Chapter eight, “The Militarization of Everything,” was so very hard for me to read. My very first post on this blog was about Michael Brown Jr. and seeing his name is always a painful reminder. I wish this chapter had come with a trigger warning.
As I mentioned before, I recently did a project on how conversations of race evolved over time for a single online journal. There was an article I read called “That Camera Won’t Save You! The Spectacular Consumption of Police Violence.” To summarize this article, I wrote,
“Police brutality cases are spread across the internet, they “go viral,” and yet they still occur, most times without indictments. So, what makes us so sure that police body cameras will ensure a change? What makes us so sure that footage from these cameras will make a difference instead of just becoming another source of viral “entertainment?” As a society, we have become increasingly desensitized to the violence we see on TV. These are the questions and points that Towns makes with this article. He also explores how we see and process black mothers. To conclude, Towns explains that cameras, of all kinds, normalize antiblack violence and make the murder of black bodies profitable.”
Witnessing black and brown bodies laying dead in the streets month after month, year after year is traumatizing. While society is being desensitized, black and brown people across the nation are weeping, mourning. We have been forced teach our children how to raise heir hands above their heads, to say “yes sir, no sir,” to make sure their hoods are not over their heads, to make sure they do not come off as “aggressive,” to never reach inside their pockets, to hope and pray that if they are ever stopped by a cop, they will be seen as human beings.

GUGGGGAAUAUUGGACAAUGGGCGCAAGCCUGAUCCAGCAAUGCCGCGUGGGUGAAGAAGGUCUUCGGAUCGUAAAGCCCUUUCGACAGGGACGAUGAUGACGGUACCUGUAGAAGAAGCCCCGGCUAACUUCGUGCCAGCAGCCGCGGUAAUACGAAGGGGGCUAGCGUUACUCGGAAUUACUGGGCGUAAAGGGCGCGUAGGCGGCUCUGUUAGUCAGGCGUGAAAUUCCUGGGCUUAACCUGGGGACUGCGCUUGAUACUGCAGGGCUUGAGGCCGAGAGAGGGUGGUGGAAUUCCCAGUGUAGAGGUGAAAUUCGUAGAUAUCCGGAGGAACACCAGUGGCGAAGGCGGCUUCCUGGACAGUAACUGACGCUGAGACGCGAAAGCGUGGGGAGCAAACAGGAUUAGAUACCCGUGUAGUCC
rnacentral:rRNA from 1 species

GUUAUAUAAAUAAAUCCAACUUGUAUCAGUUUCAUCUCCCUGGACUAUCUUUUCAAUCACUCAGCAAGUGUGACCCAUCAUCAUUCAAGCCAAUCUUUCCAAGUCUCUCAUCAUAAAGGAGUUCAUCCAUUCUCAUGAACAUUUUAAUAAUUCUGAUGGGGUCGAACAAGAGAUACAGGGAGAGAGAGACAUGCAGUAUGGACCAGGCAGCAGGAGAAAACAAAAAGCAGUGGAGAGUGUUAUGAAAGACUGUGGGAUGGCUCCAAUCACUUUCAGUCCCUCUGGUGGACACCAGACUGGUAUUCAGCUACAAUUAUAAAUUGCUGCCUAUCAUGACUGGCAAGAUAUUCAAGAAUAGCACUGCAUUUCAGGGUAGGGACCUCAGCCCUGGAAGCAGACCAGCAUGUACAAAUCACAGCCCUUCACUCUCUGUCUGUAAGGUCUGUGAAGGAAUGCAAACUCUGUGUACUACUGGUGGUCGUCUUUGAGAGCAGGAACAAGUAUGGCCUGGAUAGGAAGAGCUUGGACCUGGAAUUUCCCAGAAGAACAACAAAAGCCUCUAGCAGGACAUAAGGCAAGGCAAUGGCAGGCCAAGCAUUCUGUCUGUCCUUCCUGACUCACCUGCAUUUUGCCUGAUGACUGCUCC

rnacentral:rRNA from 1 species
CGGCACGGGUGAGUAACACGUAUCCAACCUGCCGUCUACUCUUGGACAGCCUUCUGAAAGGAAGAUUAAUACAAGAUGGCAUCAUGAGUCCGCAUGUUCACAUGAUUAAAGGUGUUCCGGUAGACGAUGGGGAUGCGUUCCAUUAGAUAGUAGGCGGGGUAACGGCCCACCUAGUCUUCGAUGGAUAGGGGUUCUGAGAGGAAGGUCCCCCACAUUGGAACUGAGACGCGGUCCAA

“This history of policing in the United States is a history of inequality; certain groups, defined by race, ethnicity, or political views, must be controlled, while others quite literally get away with murder” (229).
We watch as racist headlines turn against us. We watch as black children are described as “too big, too manly” and grown white men turn into “boys, just a kid who made a mistake.” We watch as yet another murderer goes free. We watch as an army patrols the streets. Officers with shields, various weapons, tanks, armor. Our streets are turn into war zones. Our playgrounds are turned into burial grounds.
Then, suddenly, all is calm. Weeks pass. All is calm. Until the next time. There is always a next time.